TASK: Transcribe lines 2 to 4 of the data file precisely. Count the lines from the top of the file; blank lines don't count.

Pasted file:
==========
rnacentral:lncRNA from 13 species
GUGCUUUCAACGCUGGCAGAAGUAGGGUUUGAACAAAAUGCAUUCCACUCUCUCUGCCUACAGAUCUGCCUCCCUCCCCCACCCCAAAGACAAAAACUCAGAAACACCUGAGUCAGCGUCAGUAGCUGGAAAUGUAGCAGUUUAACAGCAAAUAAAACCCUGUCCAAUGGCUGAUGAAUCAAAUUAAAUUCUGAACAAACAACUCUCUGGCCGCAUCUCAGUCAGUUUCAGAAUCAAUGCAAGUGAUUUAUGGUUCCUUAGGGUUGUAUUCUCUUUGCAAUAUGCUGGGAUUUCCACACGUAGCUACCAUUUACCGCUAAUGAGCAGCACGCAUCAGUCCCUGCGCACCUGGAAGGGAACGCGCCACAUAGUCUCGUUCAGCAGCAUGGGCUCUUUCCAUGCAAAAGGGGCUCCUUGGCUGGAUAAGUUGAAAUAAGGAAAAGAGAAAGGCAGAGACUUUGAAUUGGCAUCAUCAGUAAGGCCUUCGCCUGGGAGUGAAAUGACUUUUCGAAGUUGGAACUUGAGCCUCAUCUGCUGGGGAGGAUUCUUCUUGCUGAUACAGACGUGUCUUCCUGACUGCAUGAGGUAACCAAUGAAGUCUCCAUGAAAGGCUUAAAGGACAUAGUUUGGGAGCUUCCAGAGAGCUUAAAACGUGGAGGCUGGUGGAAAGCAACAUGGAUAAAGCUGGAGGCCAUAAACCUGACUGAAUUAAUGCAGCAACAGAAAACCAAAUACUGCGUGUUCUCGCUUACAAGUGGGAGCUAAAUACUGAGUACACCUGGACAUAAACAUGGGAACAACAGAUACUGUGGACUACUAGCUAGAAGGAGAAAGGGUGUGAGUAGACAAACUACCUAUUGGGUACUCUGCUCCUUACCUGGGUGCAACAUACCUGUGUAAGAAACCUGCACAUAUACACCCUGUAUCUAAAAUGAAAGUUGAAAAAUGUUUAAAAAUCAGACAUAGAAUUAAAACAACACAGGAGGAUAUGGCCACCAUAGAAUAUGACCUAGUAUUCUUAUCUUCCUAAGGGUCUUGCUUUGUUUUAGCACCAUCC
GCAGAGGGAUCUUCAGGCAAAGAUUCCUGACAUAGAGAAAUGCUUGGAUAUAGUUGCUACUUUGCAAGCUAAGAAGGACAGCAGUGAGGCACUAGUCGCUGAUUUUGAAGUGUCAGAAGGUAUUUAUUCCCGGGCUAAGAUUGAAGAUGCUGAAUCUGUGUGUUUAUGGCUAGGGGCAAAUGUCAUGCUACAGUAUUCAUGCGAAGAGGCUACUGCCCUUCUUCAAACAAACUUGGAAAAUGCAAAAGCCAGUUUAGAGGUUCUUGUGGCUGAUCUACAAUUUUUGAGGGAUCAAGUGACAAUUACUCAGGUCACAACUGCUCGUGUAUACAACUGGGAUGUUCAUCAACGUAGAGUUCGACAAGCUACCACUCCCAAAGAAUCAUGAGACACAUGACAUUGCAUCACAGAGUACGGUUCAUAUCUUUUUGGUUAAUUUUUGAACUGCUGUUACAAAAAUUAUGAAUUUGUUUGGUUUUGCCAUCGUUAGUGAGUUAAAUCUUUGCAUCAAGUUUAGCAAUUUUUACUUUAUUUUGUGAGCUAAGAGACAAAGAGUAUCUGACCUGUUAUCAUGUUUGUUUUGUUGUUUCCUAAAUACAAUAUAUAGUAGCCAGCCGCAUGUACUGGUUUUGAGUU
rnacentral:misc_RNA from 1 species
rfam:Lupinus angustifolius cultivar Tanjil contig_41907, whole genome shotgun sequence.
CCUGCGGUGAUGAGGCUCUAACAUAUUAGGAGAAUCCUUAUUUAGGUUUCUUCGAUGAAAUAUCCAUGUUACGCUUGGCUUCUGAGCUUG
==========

GUGCUUUCAACGCUGGCAGAAGUAGGGUUUGAACAAAAUGCAUUCCACUCUCUCUGCCUACAGAUCUGCCUCCCUCCCCCACCCCAAAGACAAAAACUCAGAAACACCUGAGUCAGCGUCAGUAGCUGGAAAUGUAGCAGUUUAACAGCAAAUAAAACCCUGUCCAAUGGCUGAUGAAUCAAAUUAAAUUCUGAACAAACAACUCUCUGGCCGCAUCUCAGUCAGUUUCAGAAUCAAUGCAAGUGAUUUAUGGUUCCUUAGGGUUGUAUUCUCUUUGCAAUAUGCUGGGAUUUCCACACGUAGCUACCAUUUACCGCUAAUGAGCAGCACGCAUCAGUCCCUGCGCACCUGGAAGGGAACGCGCCACAUAGUCUCGUUCAGCAGCAUGGGCUCUUUCCAUGCAAAAGGGGCUCCUUGGCUGGAUAAGUUGAAAUAAGGAAAAGAGAAAGGCAGAGACUUUGAAUUGGCAUCAUCAGUAAGGCCUUCGCCUGGGAGUGAAAUGACUUUUCGAAGUUGGAACUUGAGCCUCAUCUGCUGGGGAGGAUUCUUCUUGCUGAUACAGACGUGUCUUCCUGACUGCAUGAGGUAACCAAUGAAGUCUCCAUGAAAGGCUUAAAGGACAUAGUUUGGGAGCUUCCAGAGAGCUUAAAACGUGGAGGCUGGUGGAAAGCAACAUGGAUAAAGCUGGAGGCCAUAAACCUGACUGAAUUAAUGCAGCAACAGAAAACCAAAUACUGCGUGUUCUCGCUUACAAGUGGGAGCUAAAUACUGAGUACACCUGGACAUAAACAUGGGAACAACAGAUACUGUGGACUACUAGCUAGAAGGAGAAAGGGUGUGAGUAGACAAACUACCUAUUGGGUACUCUGCUCCUUACCUGGGUGCAACAUACCUGUGUAAGAAACCUGCACAUAUACACCCUGUAUCUAAAAUGAAAGUUGAAAAAUGUUUAAAAAUCAGACAUAGAAUUAAAACAACACAGGAGGAUAUGGCCACCAUAGAAUAUGACCUAGUAUUCUUAUCUUCCUAAGGGUCUUGCUUUGUUUUAGCACCAUCC
GCAGAGGGAUCUUCAGGCAAAGAUUCCUGACAUAGAGAAAUGCUUGGAUAUAGUUGCUACUUUGCAAGCUAAGAAGGACAGCAGUGAGGCACUAGUCGCUGAUUUUGAAGUGUCAGAAGGUAUUUAUUCCCGGGCUAAGAUUGAAGAUGCUGAAUCUGUGUGUUUAUGGCUAGGGGCAAAUGUCAUGCUACAGUAUUCAUGCGAAGAGGCUACUGCCCUUCUUCAAACAAACUUGGAAAAUGCAAAAGCCAGUUUAGAGGUUCUUGUGGCUGAUCUACAAUUUUUGAGGGAUCAAGUGACAAUUACUCAGGUCACAACUGCUCGUGUAUACAACUGGGAUGUUCAUCAACGUAGAGUUCGACAAGCUACCACUCCCAAAGAAUCAUGAGACACAUGACAUUGCAUCACAGAGUACGGUUCAUAUCUUUUUGGUUAAUUUUUGAACUGCUGUUACAAAAAUUAUGAAUUUGUUUGGUUUUGCCAUCGUUAGUGAGUUAAAUCUUUGCAUCAAGUUUAGCAAUUUUUACUUUAUUUUGUGAGCUAAGAGACAAAGAGUAUCUGACCUGUUAUCAUGUUUGUUUUGUUGUUUCCUAAAUACAAUAUAUAGUAGCCAGCCGCAUGUACUGGUUUUGAGUU
rnacentral:misc_RNA from 1 species